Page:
These Braves are Coppolella’s vision realized. But he’s gone

I believed it would come. I had seen the beginnings. But reality hit with full force in Game 1 of Monday’s doubleheader. Touki Toussaint, age 22, worked a 1-2-3 first inning in his big-league debut. Ronald Acuna, 20, led off the bottom of the first with a home run. (He has since hit three more.) And I recalled the words Elliot/Mr. Robot spoke to Tyrell as their 5/9 hack of EvilCorp commenced: 

It’s happening. 

The difference being, “Mr. Robot” is a televised work of fiction. The Braves, also televised, are real.

So: This is REALLY happening. 

Not quite four years after the team terminated Frank Wren and embarked on their great rebuild, the Braves are rebuilt. They lead their division by two games. They have the National League’s second-best record. Baseball Prospectus assigns them an 81.1 percent chance of making the playoffs. They didn’t go from bad to middling; no toe-in-the-water season was required. They just cannonballed off the diving board and made a majestic splash. 

They won 72 games last season. They’re at 67, with 44 still to play. There are better teams, though not many, in the majors right now. There’s no team that figures to stay as good for as long as this one. Yeah, weird things happen – this is baseball, and we’re Atlanta – but the Braves’ collection of young talent isn’t just the most impressive of this moment. It’s among the most impressive ever. 

In the spring, the estimable Joe Sheehan noted that, since the 19th century, only five teams had seen two players 21 or younger produce 2.0 of Baseball-Reference WAR in the same season. Acuna and Ozzie Albies have become the sixth such duo. Albies is at 3.5, Acuna at 2.8. The three tandems above their collective 6.3: 

Lou Whitaker and Alan Trammell of the 1978 Tigers – 6.8. 

Orlando Cepeda and Willie McCovey of the 1958 Giants – 6.9. 

Ted Williams and Bobby Doerr of the 1939 Red Sox – 9.3. 

We note: Of those six, five are in the Hall of Fame. (Whitaker is the exception.) We also note: Albies and Acuna have 44 games to go. 

With these Braves, it’s not just two guys. Freddie Freeman and Nick Markakis are the best 3-4 pairing in the league. Mike Foltynewicz made the All-Star team. Sean Newcomb has established himself as a big-league starter. Mike Soroka, Kolby Allard and Toussaint have made their MLB debuts. Best of all: Of the top 12 Braves as judged by WAR, only Markakis and Anibal Sanchez are over 30. 

Half of those 12 were acquired by John Coppolella. That’s six in three years, not counting those who haven’t yet graduated from the star-spangled farm system. That was three years to tear a team down and rebuild it, if not completely, then well enough for it to be leading its division in August.

Freeman was drafted under John Schuerholz. Albies, Acuna and Johan Camargo were signed under Wren. (Though Coppolella resisted the many overtures to trade the first two.) Alex Anthopoulos landed Sanchez and Charlie Culberson. 

Coppolella’s contributions to this dozen: Markakis, Foltynewicz, Newcomb, Ender Inciarte, Dansby Swanson and Arodys Vizcaino (reacquired from the Cubs for Tommy La Stella). And remember: Coppolella’s three years in charge – he did the dealing, though technically John Hart was president – were geared toward restocking the organization, as opposed to winning big now. He restocked so well the team he left behind is already winning big.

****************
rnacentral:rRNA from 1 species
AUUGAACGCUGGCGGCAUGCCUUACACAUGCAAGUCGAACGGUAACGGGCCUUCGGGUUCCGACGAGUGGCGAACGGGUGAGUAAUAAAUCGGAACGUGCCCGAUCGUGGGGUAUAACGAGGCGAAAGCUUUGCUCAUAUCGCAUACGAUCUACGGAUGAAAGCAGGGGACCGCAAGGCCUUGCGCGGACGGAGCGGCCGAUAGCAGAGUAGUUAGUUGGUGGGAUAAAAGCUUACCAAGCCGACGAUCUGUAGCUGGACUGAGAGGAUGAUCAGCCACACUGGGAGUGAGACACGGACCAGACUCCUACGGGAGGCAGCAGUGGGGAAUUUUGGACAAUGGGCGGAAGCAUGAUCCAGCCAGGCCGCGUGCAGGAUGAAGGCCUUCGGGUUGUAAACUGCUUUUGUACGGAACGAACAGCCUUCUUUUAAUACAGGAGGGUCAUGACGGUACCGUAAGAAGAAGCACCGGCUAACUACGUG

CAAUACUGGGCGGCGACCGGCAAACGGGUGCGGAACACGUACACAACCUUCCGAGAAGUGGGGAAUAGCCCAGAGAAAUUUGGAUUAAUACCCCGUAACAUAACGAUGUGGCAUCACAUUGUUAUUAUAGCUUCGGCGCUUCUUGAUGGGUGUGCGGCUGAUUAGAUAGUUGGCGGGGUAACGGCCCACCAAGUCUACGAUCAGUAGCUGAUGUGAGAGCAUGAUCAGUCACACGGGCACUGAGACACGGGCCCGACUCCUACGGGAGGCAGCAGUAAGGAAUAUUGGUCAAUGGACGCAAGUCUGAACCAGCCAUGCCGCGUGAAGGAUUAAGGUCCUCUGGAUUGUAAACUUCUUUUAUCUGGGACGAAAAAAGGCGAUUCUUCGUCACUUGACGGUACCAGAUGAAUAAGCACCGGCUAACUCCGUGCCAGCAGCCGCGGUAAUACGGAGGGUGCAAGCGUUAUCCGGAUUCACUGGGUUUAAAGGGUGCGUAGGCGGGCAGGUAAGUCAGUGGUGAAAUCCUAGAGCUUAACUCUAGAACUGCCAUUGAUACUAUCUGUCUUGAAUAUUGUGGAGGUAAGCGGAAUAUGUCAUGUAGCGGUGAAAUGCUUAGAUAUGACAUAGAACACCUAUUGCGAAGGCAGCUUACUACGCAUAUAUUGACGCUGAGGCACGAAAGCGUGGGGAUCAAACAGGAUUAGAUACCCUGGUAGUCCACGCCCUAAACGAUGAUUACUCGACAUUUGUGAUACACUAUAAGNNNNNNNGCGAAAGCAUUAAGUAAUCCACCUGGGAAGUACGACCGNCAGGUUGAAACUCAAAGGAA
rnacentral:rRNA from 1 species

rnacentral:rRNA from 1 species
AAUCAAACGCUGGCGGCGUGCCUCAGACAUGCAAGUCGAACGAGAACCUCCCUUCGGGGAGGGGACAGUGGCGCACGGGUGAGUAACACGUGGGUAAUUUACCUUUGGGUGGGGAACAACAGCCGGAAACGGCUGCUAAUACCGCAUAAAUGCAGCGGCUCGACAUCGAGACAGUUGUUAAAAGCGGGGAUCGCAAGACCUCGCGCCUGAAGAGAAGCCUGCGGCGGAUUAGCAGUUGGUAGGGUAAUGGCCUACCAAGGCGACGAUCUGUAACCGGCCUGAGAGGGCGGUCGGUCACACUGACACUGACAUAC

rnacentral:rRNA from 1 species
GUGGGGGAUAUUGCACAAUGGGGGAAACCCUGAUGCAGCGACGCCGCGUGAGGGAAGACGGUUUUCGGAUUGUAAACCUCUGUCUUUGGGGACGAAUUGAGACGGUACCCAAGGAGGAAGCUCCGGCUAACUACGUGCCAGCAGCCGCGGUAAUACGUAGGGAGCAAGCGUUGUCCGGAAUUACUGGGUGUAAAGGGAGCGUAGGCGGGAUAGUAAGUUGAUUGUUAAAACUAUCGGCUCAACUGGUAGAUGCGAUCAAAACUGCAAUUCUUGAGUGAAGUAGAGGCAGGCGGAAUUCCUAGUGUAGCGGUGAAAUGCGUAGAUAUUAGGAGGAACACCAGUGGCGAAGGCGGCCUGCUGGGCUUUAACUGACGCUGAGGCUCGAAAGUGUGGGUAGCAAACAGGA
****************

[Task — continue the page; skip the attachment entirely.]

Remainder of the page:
Coppolella resigned last October under pressure of an MLB investigation into the Braves’ international signings. That probe yielded dire penalties: The Braves lost 13 prospects; Coppolella was banned from the sport for life. He has since moved to Florida. He’s working in a different field. (Banned for life means what it says.) Apart from a released statement of apology last winter, he has made no public comment. He declined when asked this week. He’s trying to get on with his life. 

He messed up, yes. He didn’t, however, make a mess of his main mission. Not every trade worked. Not every young pitcher panned out. That happens. The Hall of Famer Schuerholz would love to have a few deals – David Cone, David Justice, Mark Teixeira – back. But the reason the Braves are so far ahead of schedule is that the intensity and ingenuity of their now-defrocked general manager cared nothing for schedules. 

In a wicked twist, the architect of this restoration isn’t around to enjoy the fruits of his labor. (This being weird ol’ Atlanta, there’s local precedent. Danny Ferry was on administrative leave when the Hawks he built won 60 games.) The 2018 Braves have been a source of continuing wonder, and those wonders shouldn’t cease anytime soon. Remember Coppolella’s stated vision of “wave upon wave of prospects”? The first full wave has hit with massive impact. 

For what lies ahead, Anthopoulos might well be the better GM. He’d done the job in Toronto, and his months of watchful waiting capped by sagacious deadline dealing was the work of a seasoned pro. Still, the Braves wouldn’t be where/what they are without the executive in exile.

It’s happening for this team. It’s happening because John Coppolella made it happen.

Brian Snitker, John Hart and John Coppolella. Only Snitker still works for the Braves.

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About the Author

Mark Bradley
Mark Bradley
Mark Bradley is a sports columnist and blogger for The Atlanta Journal-Constitution. He has been with the AJC since 1984.